Adrian Magson is the author of 20 crime and spy thrillers, including the Harry Tate series, the Lucas Rocco series and the Marc Portman series. His latest books are ‘The Locker’ (Midnight Ink - Feb 2016) the first in a new thriller series, and ‘Hard Cover’ (Severn House - March 2016), the third of his Marc Portman novels.
At first glance, I wasn’t sure if the overall subject matter here would allow adequate space for a crime within a greater crime (that of the creation of the Warsaw ghetto). But as soon as I began reading, I was hooked.
Eric Cohen, an elderly psychiatrist living with his niece and her son, Adam, appears at first hand to be a commentator on the awfulness of winter and the ghetto, where Jews are dying in the streets, lacking warmth, food and any of what might be termed normal human comforts. But Cohen is much more than a bystander. And it takes the murder of Adam, followed by the suicide of his niece, to bring out of the old man an inner resourcefulness and anger which makes him face up to a basic human responsibility and demand to know who has killed the boy – and why they have cut off his leg.
He soon discovers that Adam is not the first murder victim, and not the first to suffer the removal of a body part. Is it, as one superstitious lady claims, the work of someone creating a golem – a supernatural body brought to life? Or is there a more prosaic explanation, such as the deaths merely being a by-product of the world gone mad combined with the brutality of the Nazis meting out death and mutilation on innocent children because of their religion?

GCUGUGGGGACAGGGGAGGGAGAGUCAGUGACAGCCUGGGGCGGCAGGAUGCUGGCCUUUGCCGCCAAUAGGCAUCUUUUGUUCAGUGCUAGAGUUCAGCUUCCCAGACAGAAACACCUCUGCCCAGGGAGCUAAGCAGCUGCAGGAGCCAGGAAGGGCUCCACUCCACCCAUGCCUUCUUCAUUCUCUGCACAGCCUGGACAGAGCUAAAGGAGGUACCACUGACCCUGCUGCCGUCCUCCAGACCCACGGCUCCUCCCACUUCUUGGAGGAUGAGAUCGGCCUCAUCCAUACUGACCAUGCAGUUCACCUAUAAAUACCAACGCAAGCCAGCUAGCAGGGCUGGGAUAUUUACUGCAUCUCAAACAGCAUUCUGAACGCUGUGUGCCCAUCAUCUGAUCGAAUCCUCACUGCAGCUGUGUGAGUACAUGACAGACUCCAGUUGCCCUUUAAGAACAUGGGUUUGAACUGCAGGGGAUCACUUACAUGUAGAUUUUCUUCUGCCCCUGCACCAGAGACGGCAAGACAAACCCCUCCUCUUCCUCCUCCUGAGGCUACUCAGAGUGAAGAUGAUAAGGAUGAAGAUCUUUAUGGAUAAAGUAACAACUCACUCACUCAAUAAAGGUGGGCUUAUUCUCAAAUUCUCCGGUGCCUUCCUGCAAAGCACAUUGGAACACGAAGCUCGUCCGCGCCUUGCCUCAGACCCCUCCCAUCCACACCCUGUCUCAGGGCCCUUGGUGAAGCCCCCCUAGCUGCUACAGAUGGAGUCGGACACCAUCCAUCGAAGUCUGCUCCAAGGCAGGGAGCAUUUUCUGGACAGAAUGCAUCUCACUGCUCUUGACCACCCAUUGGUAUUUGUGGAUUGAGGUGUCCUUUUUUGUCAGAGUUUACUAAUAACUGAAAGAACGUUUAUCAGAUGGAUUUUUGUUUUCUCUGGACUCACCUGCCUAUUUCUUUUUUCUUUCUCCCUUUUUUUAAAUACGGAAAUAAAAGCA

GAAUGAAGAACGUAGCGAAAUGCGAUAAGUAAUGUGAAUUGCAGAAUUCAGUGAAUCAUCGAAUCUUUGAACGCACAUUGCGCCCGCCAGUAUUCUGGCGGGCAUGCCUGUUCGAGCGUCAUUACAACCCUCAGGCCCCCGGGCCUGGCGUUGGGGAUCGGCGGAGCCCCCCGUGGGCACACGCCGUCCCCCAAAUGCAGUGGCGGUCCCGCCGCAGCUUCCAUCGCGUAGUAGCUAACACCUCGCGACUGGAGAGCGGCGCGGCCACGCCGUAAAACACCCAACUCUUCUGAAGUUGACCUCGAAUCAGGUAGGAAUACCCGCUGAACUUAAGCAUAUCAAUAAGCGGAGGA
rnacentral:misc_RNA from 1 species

Risking all, Eric follows a number of trails, taking him out of the ghetto to where he can be shot on sight, to the realisation that children, even in time of great threat, harbour secrets; that they possess a life to which their elders are not party. For most, it is an adventure, the pushing against enforced boundaries of safety and geography. For some, like young beggars and jugglers on the street, it is simply survival. In each case, their pursuit of daily life is equally dangerous.
Set against such a backdrop, this is an amazing book. I was enthralled and appalled in turn; enthralled by the simple effectiveness of the writing and the dark humour of Eric’s story as the old man, assisted by his friend Izzy, goes about hunting down clues in what seems a community too brutalised by cruelty to hold any chance whatsoever of finding a truth - any truth; and appalled by the vivid descriptions of life without hope, where lying down and freezing to death in the street offers a way out… and where a corpse is simply something to be disposed of with little outward emotion or care.
I wasn’t sure that I’d enjoy this book – especially given its appalling backdrop. But I did. Hugely.